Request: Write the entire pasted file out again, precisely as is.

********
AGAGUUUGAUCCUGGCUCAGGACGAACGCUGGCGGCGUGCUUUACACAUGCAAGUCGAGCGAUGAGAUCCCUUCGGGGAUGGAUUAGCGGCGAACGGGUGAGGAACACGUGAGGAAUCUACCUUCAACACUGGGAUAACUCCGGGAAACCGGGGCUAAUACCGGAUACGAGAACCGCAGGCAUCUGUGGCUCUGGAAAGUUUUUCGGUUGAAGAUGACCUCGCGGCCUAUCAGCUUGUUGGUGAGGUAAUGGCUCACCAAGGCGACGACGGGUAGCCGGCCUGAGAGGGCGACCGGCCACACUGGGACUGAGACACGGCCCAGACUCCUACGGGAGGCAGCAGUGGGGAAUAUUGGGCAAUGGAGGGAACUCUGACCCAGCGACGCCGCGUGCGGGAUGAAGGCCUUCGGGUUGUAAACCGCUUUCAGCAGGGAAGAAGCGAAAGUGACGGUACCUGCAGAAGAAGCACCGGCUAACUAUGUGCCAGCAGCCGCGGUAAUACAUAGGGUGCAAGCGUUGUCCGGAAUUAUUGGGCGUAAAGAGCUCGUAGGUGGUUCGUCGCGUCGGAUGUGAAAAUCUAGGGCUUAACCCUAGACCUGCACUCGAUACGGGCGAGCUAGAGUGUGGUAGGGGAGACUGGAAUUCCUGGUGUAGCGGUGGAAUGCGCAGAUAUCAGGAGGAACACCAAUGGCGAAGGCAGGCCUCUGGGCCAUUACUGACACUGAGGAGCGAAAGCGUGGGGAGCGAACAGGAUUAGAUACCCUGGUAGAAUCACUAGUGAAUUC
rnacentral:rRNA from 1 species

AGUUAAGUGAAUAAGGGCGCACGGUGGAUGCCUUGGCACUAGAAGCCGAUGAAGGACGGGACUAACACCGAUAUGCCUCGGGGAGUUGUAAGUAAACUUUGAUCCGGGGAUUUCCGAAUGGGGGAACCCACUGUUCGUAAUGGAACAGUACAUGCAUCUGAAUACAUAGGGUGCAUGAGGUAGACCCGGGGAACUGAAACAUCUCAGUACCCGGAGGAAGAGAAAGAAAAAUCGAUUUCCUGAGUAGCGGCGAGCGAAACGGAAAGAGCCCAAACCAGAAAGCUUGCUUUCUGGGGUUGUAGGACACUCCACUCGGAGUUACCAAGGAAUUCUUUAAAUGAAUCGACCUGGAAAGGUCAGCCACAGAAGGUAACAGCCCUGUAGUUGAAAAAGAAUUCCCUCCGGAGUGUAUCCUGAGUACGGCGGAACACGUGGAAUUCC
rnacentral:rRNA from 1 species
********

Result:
AGAGUUUGAUCCUGGCUCAGGACGAACGCUGGCGGCGUGCUUUACACAUGCAAGUCGAGCGAUGAGAUCCCUUCGGGGAUGGAUUAGCGGCGAACGGGUGAGGAACACGUGAGGAAUCUACCUUCAACACUGGGAUAACUCCGGGAAACCGGGGCUAAUACCGGAUACGAGAACCGCAGGCAUCUGUGGCUCUGGAAAGUUUUUCGGUUGAAGAUGACCUCGCGGCCUAUCAGCUUGUUGGUGAGGUAAUGGCUCACCAAGGCGACGACGGGUAGCCGGCCUGAGAGGGCGACCGGCCACACUGGGACUGAGACACGGCCCAGACUCCUACGGGAGGCAGCAGUGGGGAAUAUUGGGCAAUGGAGGGAACUCUGACCCAGCGACGCCGCGUGCGGGAUGAAGGCCUUCGGGUUGUAAACCGCUUUCAGCAGGGAAGAAGCGAAAGUGACGGUACCUGCAGAAGAAGCACCGGCUAACUAUGUGCCAGCAGCCGCGGUAAUACAUAGGGUGCAAGCGUUGUCCGGAAUUAUUGGGCGUAAAGAGCUCGUAGGUGGUUCGUCGCGUCGGAUGUGAAAAUCUAGGGCUUAACCCUAGACCUGCACUCGAUACGGGCGAGCUAGAGUGUGGUAGGGGAGACUGGAAUUCCUGGUGUAGCGGUGGAAUGCGCAGAUAUCAGGAGGAACACCAAUGGCGAAGGCAGGCCUCUGGGCCAUUACUGACACUGAGGAGCGAAAGCGUGGGGAGCGAACAGGAUUAGAUACCCUGGUAGAAUCACUAGUGAAUUC
rnacentral:rRNA from 1 species

AGUUAAGUGAAUAAGGGCGCACGGUGGAUGCCUUGGCACUAGAAGCCGAUGAAGGACGGGACUAACACCGAUAUGCCUCGGGGAGUUGUAAGUAAACUUUGAUCCGGGGAUUUCCGAAUGGGGGAACCCACUGUUCGUAAUGGAACAGUACAUGCAUCUGAAUACAUAGGGUGCAUGAGGUAGACCCGGGGAACUGAAACAUCUCAGUACCCGGAGGAAGAGAAAGAAAAAUCGAUUUCCUGAGUAGCGGCGAGCGAAACGGAAAGAGCCCAAACCAGAAAGCUUGCUUUCUGGGGUUGUAGGACACUCCACUCGGAGUUACCAAGGAAUUCUUUAAAUGAAUCGACCUGGAAAGGUCAGCCACAGAAGGUAACAGCCCUGUAGUUGAAAAAGAAUUCCCUCCGGAGUGUAUCCUGAGUACGGCGGAACACGUGGAAUUCC
rnacentral:rRNA from 1 species